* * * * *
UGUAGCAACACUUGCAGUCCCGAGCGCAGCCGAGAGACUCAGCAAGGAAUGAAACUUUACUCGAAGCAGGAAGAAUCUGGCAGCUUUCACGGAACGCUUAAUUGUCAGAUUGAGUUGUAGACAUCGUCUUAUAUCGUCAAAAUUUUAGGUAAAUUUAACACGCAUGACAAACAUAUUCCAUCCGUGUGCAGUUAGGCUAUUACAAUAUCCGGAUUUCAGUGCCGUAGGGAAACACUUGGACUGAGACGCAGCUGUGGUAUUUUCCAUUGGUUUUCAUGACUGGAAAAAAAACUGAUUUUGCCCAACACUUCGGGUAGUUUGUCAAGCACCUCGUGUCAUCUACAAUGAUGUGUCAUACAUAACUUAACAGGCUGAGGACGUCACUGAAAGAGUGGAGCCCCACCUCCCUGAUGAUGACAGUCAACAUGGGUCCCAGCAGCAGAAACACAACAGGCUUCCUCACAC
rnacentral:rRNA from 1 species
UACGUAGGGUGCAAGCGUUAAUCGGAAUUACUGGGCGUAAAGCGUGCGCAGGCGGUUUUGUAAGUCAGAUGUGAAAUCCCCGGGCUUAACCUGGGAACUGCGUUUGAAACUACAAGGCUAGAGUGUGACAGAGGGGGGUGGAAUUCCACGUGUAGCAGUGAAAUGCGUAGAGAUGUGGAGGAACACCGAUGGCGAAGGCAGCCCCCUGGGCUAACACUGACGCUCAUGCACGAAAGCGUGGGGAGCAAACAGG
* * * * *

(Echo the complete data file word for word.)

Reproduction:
UGUAGCAACACUUGCAGUCCCGAGCGCAGCCGAGAGACUCAGCAAGGAAUGAAACUUUACUCGAAGCAGGAAGAAUCUGGCAGCUUUCACGGAACGCUUAAUUGUCAGAUUGAGUUGUAGACAUCGUCUUAUAUCGUCAAAAUUUUAGGUAAAUUUAACACGCAUGACAAACAUAUUCCAUCCGUGUGCAGUUAGGCUAUUACAAUAUCCGGAUUUCAGUGCCGUAGGGAAACACUUGGACUGAGACGCAGCUGUGGUAUUUUCCAUUGGUUUUCAUGACUGGAAAAAAAACUGAUUUUGCCCAACACUUCGGGUAGUUUGUCAAGCACCUCGUGUCAUCUACAAUGAUGUGUCAUACAUAACUUAACAGGCUGAGGACGUCACUGAAAGAGUGGAGCCCCACCUCCCUGAUGAUGACAGUCAACAUGGGUCCCAGCAGCAGAAACACAACAGGCUUCCUCACAC
rnacentral:rRNA from 1 species
UACGUAGGGUGCAAGCGUUAAUCGGAAUUACUGGGCGUAAAGCGUGCGCAGGCGGUUUUGUAAGUCAGAUGUGAAAUCCCCGGGCUUAACCUGGGAACUGCGUUUGAAACUACAAGGCUAGAGUGUGACAGAGGGGGGUGGAAUUCCACGUGUAGCAGUGAAAUGCGUAGAGAUGUGGAGGAACACCGAUGGCGAAGGCAGCCCCCUGGGCUAACACUGACGCUCAUGCACGAAAGCGUGGGGAGCAAACAGG